Griffin turned down the opportunity because he and the Knicks couldn't agree on a role, a source said.
He and the Knicks "just couldn't make it work," a source with knowledge of the talks told ESPN's Dave McMenamin. The issue came down to finding a proper role for Griffin while front-office executive Steve Mills continues to work for the team.
With Griffin having withdrawn from consideration, sources with knowledge of the Knicks thinking said Mills will continue to lead the Knicks' front office for the foreseeable future, as he has throughout free agency.
Sources told ESPN's Adrian Wojnarowski that the Knicks and Griffin were at odds over Griffin not having full authority on basketball decisions and over Griffin's preference to bring in his own staff. No formal contract offer was made.
Much of the Knicks' front office has survived several unsuccessful regimes, and the organization has been hesitant to make sweeping changes to the group, league sources said.
Griffin has been in New York since Friday's meeting with the Knicks, who are looking to bolster their front office following Phil Jackson's departure as president of basketball operations.
In his next job, Griffin is searching for autonomy in the front office and an ability to build a working partnership with the owner, according to Wojnarowski.
Griffin is expected to serve as a television analyst next season, and it's believed he has no other NBA job opportunities at the moment.
Griffin has a trusted inner circle of front-office and scouting personnel who played a part in building the Cavaliers' roster into one that went to three consecutive NBA Finals and won the 2016 championship.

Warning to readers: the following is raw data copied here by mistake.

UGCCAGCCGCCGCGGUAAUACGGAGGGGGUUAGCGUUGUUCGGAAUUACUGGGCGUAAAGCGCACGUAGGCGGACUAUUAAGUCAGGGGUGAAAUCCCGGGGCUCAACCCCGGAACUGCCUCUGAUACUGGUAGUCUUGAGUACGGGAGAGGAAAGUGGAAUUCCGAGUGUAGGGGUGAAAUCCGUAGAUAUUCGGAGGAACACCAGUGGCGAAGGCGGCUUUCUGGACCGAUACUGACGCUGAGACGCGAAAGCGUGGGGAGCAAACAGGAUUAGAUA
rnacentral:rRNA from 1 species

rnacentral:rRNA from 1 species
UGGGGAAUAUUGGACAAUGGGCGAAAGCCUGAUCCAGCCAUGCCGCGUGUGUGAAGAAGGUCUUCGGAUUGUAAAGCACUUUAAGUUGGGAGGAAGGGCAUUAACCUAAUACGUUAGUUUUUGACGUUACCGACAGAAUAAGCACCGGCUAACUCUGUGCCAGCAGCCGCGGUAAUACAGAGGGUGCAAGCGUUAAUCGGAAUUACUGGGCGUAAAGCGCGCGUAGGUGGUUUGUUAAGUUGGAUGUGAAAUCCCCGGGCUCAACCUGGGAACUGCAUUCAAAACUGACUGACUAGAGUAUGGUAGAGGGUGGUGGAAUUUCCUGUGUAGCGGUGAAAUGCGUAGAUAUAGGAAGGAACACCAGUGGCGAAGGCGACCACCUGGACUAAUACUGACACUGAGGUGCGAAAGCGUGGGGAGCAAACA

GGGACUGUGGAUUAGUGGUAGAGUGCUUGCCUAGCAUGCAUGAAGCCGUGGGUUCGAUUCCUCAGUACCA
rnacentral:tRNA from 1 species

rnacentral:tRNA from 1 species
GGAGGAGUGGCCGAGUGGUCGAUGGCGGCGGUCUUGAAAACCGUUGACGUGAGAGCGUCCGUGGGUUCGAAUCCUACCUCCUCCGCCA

Griffin spent three years as the Cavaliers' general manager, beginning in 2014, until his departure in late June. He was an assistant GM with the Cavaliers before then, going to Cleveland after rising from an intern to a top front-office executive over 17 years with the Phoenix Suns.
Since parting ways with Jackson, the Knicks, under Mills, made the decision to sign Atlanta Hawks guard Tim Hardaway Jr. to a four-year, $71 million contract, a move that has been met with shock inside and outside the organization. The Knicks have become a perennial lottery team, rife with organizational discord and dysfunction.
The club wants to make a commitment to going young, transforming the roster to players in the 25-and-younger range. New York says it wants to build around 7-foot-3 Kristaps Porzingis and continues to say it wants to move 10-time All-Star Carmelo Anthony in a trade. Anthony is willing to waive his no-trade clause for Houston and Cleveland now, league sources said, but there has yet to be a mechanism that allows those teams to give New York the young assets it wants for a trade.
ESPN's Ramona Shelburne contributed to this report.